by Sarah Groen-Colyn
You shall therefore impress these words of mine on your heart and on your soul. Deuteronomy 11:18
Many of you keep a prayer journal as taught by Leanne in Listening Prayer. As she writes, “The Bible – the revealed word of God – is a vital part of prayer.” Committing a verse, passage, or chapter to memory is a wonderful way to pray the words of scripture. Allow me to highlight some of the wonderful fruit of memorizing scripture, and suggest some practical strategies for learning scripture by heart.
Integration of head and heart. Becoming whole in Christ includes healing of the split between head and heart that, left untouched, would diminish our ability to listen to God and obey His word. Many of us come from traditions in Christendom that study scripture intellectually, filling us with head knowledge about the Bible. By contrast, memorizing scripture passages that have gripped us in a special way helps God’s living Word move from our head into our heart, deepening the healing of that schism that has afflicted us all. Memorization is a potent way to “eat the scroll” so that it feeds every fiber of our being.
Deeper immersion in His word. Memorizing scripture takes time and repetition. As we repeatedly recite a passage, the Holy Spirit breathes life into us. The time we spend memorizing soaks our soul in the goodness and truth of our Lord. Spending the time it takes to memorize allows us to become more deeply acquainted with the passage, its symbols and images, and its resonance with the whole of scripture. As I commit the words to memory, Christ addresses me personally, and my heart responds to Him. Lately I’ve been learning Psalm 71. One short phrase, “My song shall always be of you,” brings a smile to my lips every time I speak it out. This smile originates from the depths of my being as this phrase proclaims a profound truth of who I am in Christ.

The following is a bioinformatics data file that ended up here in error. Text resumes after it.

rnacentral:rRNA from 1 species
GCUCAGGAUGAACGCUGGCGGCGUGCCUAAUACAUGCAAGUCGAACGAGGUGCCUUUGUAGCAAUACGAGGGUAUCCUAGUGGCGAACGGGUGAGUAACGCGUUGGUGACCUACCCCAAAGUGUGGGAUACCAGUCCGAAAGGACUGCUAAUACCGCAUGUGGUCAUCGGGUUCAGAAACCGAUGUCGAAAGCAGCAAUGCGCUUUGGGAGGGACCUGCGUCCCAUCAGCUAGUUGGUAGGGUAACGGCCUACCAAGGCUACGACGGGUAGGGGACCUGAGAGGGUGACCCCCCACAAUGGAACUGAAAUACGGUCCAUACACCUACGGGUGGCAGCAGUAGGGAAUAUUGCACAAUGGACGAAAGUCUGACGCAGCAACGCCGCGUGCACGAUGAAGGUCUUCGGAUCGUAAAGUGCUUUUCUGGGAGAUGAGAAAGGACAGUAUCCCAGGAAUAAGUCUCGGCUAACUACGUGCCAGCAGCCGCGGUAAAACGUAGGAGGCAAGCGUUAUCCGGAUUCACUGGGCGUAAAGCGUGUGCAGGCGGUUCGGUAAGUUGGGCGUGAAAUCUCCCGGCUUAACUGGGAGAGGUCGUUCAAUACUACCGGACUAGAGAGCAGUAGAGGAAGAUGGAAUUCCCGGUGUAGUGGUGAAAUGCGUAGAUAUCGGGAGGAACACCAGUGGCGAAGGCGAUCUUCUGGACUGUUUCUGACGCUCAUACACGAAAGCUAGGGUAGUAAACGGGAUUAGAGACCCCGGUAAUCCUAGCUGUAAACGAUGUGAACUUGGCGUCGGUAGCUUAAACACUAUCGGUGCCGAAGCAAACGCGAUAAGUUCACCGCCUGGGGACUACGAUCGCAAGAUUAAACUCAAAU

Membership in the Church. When we learn a piece of scripture by heart, we take the divinely inspired, humanly expressed words and we make them our own. We take our place in the fellowship of believers, saying, “Yes, these are my words too.” These words come to life when we recite them as our own and we are united in the communion of saints in a special way. When I speak out David’s words from Psalm 71 and tell my own story through them, I am lifted up into the great cloud of witnesses. I receive a vital antidote to the lie that I am alone. And I take my rightful place in both receiving the words of life, and adding my own voice to the eternal proclamation.
Strategies to help us in this practice. I believe that the process of memorizing scripture is prayer itself, and that the Holy Spirit is at work within our minds and hearts, engraving the words deep within us. But it is also a good example of the role of moral effort in the ongoing process of becoming in Him. I can’t just go to sleep with my Bible under my pillow and let God decide which passage to record in my memory. I’d encourage you to watch for a verse, passage, or chapter that shimmers in a special way for you, and commit yourself to learning it by heart. Explicitly ask God to empower you to memorize the words, and to minister to you through the process. You may find it helpful to write out the passage on index cards, one sentence or phrase at a time. You might like to record your own voice reciting the passage. Engaging your whole body by standing, gesturing, and letting your face show what the words mean to you will deepen your grasp of the scripture.